If you are like most homeowners, you probably desire to have a lush green and pristine lawn. You also know to obtain that lawn can take a lot of time and effort.
So you have two options, you can either do it all yourself or you can get professional lawn services at your home.
If you have been diligent in maintaining your lawn but are still dealing with “dead” bare grass spots, a likely insect referred to as a sod worm might be to blame.
In this article, we will discuss everything you need to know to understand, treat, and prevent sod worms.
What are Sod Worms?
Sod worms are commonly known as sod webworms or lawn moths. In their adult form as lawn moths, they are mostly harmless.
They are white or tan and sporadically fly over lawns in short distances in zigzagging spurts. You will usually see them flying around starting in May and throughout the summer.
During the day, lawn moths will rest on surrounding bushes or shrubs and become active around evening time. Although the lawn moth is not directly harmful itself, the larvae the female moths drop on lawns are damaging.
The larvae eventually grow to become hungry caterpillars that eat grass. Once larvae hatch, it only takes about a week for them to munch on your lawn.
The caterpillars are nocturnal, so you likely won’t see them actively going to town on your grass during the day.
Sod webworms get their name due to their ability to build silk-lined tunnels into the lawn soil when they are larvae.
How to Identify Sod Worms
Identifying these pesky worms is challenging since most of their activity is in the evening time. Due to this, most homeowners are unaware of their presence until they see a lot of turf damage. It’s best to spot them early and implement prevention methods.
Signs You Might Have A Sod Webworm Infestation:
Timing is everything. Pay attention to your lawn during the late afternoon and evening time. Look out for the lawn moths flying sporadically around your grass. If you see them, then it’s safe to assume lawn damage will shortly follow if left untreated.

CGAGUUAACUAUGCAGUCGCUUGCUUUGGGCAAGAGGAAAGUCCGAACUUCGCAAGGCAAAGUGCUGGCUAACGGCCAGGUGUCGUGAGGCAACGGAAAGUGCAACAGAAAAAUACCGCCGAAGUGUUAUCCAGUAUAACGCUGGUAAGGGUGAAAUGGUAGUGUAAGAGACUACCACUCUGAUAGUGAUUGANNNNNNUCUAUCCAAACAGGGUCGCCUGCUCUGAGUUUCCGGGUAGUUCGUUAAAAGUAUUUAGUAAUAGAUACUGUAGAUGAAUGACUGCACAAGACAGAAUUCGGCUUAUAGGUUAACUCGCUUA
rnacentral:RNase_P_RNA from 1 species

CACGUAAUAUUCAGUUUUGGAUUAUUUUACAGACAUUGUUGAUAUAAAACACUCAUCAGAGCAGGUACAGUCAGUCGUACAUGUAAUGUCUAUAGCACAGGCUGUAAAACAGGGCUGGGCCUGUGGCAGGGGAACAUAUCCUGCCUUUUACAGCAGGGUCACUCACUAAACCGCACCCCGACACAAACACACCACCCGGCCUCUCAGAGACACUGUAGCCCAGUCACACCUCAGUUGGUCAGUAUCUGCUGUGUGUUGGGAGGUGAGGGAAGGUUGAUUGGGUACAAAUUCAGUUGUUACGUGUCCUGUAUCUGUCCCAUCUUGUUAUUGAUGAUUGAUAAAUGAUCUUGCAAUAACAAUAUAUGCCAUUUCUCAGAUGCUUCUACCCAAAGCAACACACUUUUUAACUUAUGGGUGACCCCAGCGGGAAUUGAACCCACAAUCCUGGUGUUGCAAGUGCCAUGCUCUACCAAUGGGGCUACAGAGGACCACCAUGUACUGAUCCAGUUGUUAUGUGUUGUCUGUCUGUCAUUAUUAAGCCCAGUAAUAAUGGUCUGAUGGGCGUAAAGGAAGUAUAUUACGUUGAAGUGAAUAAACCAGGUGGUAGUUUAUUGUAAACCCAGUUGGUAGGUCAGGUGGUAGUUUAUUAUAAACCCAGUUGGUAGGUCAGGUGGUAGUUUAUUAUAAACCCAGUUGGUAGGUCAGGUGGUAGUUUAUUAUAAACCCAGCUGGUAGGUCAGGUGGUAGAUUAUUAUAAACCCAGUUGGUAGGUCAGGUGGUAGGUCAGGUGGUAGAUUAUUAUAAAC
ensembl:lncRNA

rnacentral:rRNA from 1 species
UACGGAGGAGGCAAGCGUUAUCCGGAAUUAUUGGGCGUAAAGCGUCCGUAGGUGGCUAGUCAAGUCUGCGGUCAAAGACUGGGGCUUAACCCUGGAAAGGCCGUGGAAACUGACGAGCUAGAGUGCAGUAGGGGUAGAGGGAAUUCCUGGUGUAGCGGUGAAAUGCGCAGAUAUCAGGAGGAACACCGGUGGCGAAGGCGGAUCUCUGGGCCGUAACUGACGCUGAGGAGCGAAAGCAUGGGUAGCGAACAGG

If an infestation has already occurred, on close inspection you might see grazed spots taken out of the turf. If the infestation is more serious, you may see damage down to the soil level and even some brown patches.
Inspect the thatch layer and top inch of soil for larvae and silk tunnels.
If the sod worms have been eating away at your lawn for a while then you will likely see even larger brown patches that could resemble drought spots.
DIY Confirming Sod Webworm Presence
- Mix 1-2 Tbsp of household dish detergent with 1-2 gallons of water.
- Mark off about 1-2 square feet near the suspected webworm infestation or where lawn damage is present. You can do this in multiple areas of your yard.
- Pour the mixture onto the lawn drenching it and wait about 2 to 5 minutes.
- If sod webworms are present, you will see them wiggle to the surface of the soil. The mixture irritates the webworms causing them to react in this way.
- Count how many webworm larvae you see come to the surface. If 15 or more are seen per square yard then treatment options are usually suggested.
Treating Sod Webworms
Most store-bought insecticides are effective against sod webworms. There are both sprayable and granular forms of insecticides available, however, for the most coverage, a sprayable option is ideal.
These insecticides are more effective on young larvae rather than mature larvae. Due to this, it’s important to identify lawn moths early. Once lawn moths become active flying around, eggs will hatch in about 7 to 14 days.
It’s best to water your lawn one to two days before spraying the insecticides and apply them in the evening time when sod webworms are most active.
Preventing Sod Webworms
The best prevention method against sod webworms is to maintain a healthy lawn.
Like most lawn pests, an unhealthy weakened lawn will be the prime target for the majority of these pests. If your lawn is unhealthy, think of it as defenseless against a whole host of unwanted invaders.
To obtain a healthy lawn it is vital to routinely fertilize, aerate, and properly mow your lawn. Maintaining a mowing height of three to four inches is imperative to ward off sod worms.
If your grass is too short this can cause lawn scalping, which will dry out your lawn and make it easier for lawn pests to attack.
Sod Webworms vs Army Worms
If you suspect a worm problem but have ruled out sod webworms, a different offender could be to blame. A worm that is similar to sod webworms but has some slight differences is the armyworm.
Armyworms are another form of the lawn moth. They are typically larger in size compared to the sod worm.
The armyworm gained its name since they commonly are seen in large numbers moving across the lawn together like an army.
Just like sod worms, armyworms have the potential to cause the same type of lawn damage.
One major difference is that armyworms feed during the day and night and leave behind a white appearance on the lawn. The same prevention and treatment methods apply to armyworms as to sod webworms.
Call the Professionals at Gecko Green
Dealing with any type of lawn invader or infestation can be very overwhelming.
If you suspect these pesky worms have taken over your lawn it’s best to call the professionals.
At Gecko Green our pest control services are superb. We will conduct a thorough inspection of your property and provide you with a personalized treatment plan.
Our goal at Gecko Green is to protect your house from pests and get your lawn looking amazing. Call Gecko Green today and say goodbye to sod worms and armyworms for good.